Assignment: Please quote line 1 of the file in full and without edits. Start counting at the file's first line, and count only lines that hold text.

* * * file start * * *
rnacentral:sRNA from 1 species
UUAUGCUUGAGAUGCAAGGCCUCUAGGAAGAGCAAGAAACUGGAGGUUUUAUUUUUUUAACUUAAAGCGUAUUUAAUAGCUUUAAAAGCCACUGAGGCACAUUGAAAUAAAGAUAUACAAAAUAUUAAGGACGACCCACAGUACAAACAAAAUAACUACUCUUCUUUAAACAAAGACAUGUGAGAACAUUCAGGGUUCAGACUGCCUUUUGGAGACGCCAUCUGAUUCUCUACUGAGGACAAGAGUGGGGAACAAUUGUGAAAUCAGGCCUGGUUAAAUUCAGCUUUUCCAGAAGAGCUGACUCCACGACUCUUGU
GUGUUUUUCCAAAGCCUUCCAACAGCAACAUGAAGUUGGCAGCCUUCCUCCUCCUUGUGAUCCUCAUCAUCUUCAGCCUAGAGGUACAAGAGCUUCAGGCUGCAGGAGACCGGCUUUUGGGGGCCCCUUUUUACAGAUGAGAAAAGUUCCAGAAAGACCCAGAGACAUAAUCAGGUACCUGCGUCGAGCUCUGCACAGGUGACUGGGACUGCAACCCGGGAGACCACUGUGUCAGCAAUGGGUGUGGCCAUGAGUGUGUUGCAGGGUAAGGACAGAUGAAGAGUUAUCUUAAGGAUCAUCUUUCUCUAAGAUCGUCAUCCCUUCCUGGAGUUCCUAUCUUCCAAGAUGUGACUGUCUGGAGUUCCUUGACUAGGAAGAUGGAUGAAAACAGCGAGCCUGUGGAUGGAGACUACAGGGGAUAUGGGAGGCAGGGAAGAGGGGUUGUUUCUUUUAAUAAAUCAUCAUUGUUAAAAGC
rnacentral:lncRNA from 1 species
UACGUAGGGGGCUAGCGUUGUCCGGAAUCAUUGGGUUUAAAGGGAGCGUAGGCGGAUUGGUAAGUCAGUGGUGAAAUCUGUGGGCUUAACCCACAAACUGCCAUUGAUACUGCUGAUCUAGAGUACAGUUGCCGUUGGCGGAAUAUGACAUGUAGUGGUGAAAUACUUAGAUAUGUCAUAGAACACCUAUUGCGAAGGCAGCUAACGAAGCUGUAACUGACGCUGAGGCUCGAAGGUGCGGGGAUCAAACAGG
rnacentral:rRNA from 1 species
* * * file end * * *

rnacentral:sRNA from 1 species